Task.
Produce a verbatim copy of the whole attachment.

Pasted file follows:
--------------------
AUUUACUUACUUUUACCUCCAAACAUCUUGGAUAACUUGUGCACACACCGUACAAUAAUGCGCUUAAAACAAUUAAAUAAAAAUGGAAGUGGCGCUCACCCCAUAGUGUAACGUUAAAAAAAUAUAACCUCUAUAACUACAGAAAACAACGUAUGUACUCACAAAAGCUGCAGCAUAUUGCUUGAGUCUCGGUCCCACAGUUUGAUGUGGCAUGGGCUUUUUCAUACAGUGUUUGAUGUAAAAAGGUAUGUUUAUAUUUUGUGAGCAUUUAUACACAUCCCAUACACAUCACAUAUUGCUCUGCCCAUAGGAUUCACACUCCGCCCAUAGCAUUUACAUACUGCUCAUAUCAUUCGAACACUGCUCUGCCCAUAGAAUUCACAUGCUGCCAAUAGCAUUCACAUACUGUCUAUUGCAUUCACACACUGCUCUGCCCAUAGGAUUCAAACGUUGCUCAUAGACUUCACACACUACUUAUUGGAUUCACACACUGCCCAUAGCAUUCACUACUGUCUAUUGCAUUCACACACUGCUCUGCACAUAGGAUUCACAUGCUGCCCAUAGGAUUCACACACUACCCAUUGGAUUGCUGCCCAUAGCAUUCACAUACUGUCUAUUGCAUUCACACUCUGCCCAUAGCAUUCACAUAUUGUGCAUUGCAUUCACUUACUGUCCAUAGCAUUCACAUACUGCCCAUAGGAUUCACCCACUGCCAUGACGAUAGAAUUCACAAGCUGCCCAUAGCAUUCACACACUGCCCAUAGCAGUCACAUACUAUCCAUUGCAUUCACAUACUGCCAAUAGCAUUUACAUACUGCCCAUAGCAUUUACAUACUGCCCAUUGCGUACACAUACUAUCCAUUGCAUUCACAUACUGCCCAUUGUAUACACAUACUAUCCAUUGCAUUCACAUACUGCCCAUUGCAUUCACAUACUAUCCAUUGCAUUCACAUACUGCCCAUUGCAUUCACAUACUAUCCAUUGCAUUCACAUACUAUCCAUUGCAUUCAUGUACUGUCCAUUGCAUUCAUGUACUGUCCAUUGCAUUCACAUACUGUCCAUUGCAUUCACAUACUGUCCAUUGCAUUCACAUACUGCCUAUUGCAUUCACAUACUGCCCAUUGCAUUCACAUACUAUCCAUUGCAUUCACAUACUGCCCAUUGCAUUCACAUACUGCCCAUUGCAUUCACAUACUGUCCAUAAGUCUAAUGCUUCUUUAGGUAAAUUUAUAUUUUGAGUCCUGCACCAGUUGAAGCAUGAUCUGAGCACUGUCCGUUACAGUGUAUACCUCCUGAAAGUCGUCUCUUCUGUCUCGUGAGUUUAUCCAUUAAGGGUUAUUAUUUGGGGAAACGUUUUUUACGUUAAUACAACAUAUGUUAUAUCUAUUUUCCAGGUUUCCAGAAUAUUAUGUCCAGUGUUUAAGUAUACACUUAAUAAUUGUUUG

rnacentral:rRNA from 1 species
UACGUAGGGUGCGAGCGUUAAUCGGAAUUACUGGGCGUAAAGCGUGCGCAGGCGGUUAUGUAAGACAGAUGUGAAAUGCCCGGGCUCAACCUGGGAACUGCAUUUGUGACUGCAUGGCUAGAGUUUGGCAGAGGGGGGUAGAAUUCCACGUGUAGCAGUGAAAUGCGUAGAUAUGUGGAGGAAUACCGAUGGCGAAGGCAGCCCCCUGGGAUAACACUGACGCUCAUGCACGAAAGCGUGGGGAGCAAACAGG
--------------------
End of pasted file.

AUUUACUUACUUUUACCUCCAAACAUCUUGGAUAACUUGUGCACACACCGUACAAUAAUGCGCUUAAAACAAUUAAAUAAAAAUGGAAGUGGCGCUCACCCCAUAGUGUAACGUUAAAAAAAUAUAACCUCUAUAACUACAGAAAACAACGUAUGUACUCACAAAAGCUGCAGCAUAUUGCUUGAGUCUCGGUCCCACAGUUUGAUGUGGCAUGGGCUUUUUCAUACAGUGUUUGAUGUAAAAAGGUAUGUUUAUAUUUUGUGAGCAUUUAUACACAUCCCAUACACAUCACAUAUUGCUCUGCCCAUAGGAUUCACACUCCGCCCAUAGCAUUUACAUACUGCUCAUAUCAUUCGAACACUGCUCUGCCCAUAGAAUUCACAUGCUGCCAAUAGCAUUCACAUACUGUCUAUUGCAUUCACACACUGCUCUGCCCAUAGGAUUCAAACGUUGCUCAUAGACUUCACACACUACUUAUUGGAUUCACACACUGCCCAUAGCAUUCACUACUGUCUAUUGCAUUCACACACUGCUCUGCACAUAGGAUUCACAUGCUGCCCAUAGGAUUCACACACUACCCAUUGGAUUGCUGCCCAUAGCAUUCACAUACUGUCUAUUGCAUUCACACUCUGCCCAUAGCAUUCACAUAUUGUGCAUUGCAUUCACUUACUGUCCAUAGCAUUCACAUACUGCCCAUAGGAUUCACCCACUGCCAUGACGAUAGAAUUCACAAGCUGCCCAUAGCAUUCACACACUGCCCAUAGCAGUCACAUACUAUCCAUUGCAUUCACAUACUGCCAAUAGCAUUUACAUACUGCCCAUAGCAUUUACAUACUGCCCAUUGCGUACACAUACUAUCCAUUGCAUUCACAUACUGCCCAUUGUAUACACAUACUAUCCAUUGCAUUCACAUACUGCCCAUUGCAUUCACAUACUAUCCAUUGCAUUCACAUACUGCCCAUUGCAUUCACAUACUAUCCAUUGCAUUCACAUACUAUCCAUUGCAUUCAUGUACUGUCCAUUGCAUUCAUGUACUGUCCAUUGCAUUCACAUACUGUCCAUUGCAUUCACAUACUGUCCAUUGCAUUCACAUACUGCCUAUUGCAUUCACAUACUGCCCAUUGCAUUCACAUACUAUCCAUUGCAUUCACAUACUGCCCAUUGCAUUCACAUACUGCCCAUUGCAUUCACAUACUGUCCAUAAGUCUAAUGCUUCUUUAGGUAAAUUUAUAUUUUGAGUCCUGCACCAGUUGAAGCAUGAUCUGAGCACUGUCCGUUACAGUGUAUACCUCCUGAAAGUCGUCUCUUCUGUCUCGUGAGUUUAUCCAUUAAGGGUUAUUAUUUGGGGAAACGUUUUUUACGUUAAUACAACAUAUGUUAUAUCUAUUUUCCAGGUUUCCAGAAUAUUAUGUCCAGUGUUUAAGUAUACACUUAAUAAUUGUUUG

rnacentral:rRNA from 1 species
UACGUAGGGUGCGAGCGUUAAUCGGAAUUACUGGGCGUAAAGCGUGCGCAGGCGGUUAUGUAAGACAGAUGUGAAAUGCCCGGGCUCAACCUGGGAACUGCAUUUGUGACUGCAUGGCUAGAGUUUGGCAGAGGGGGGUAGAAUUCCACGUGUAGCAGUGAAAUGCGUAGAUAUGUGGAGGAAUACCGAUGGCGAAGGCAGCCCCCUGGGAUAACACUGACGCUCAUGCACGAAAGCGUGGGGAGCAAACAGG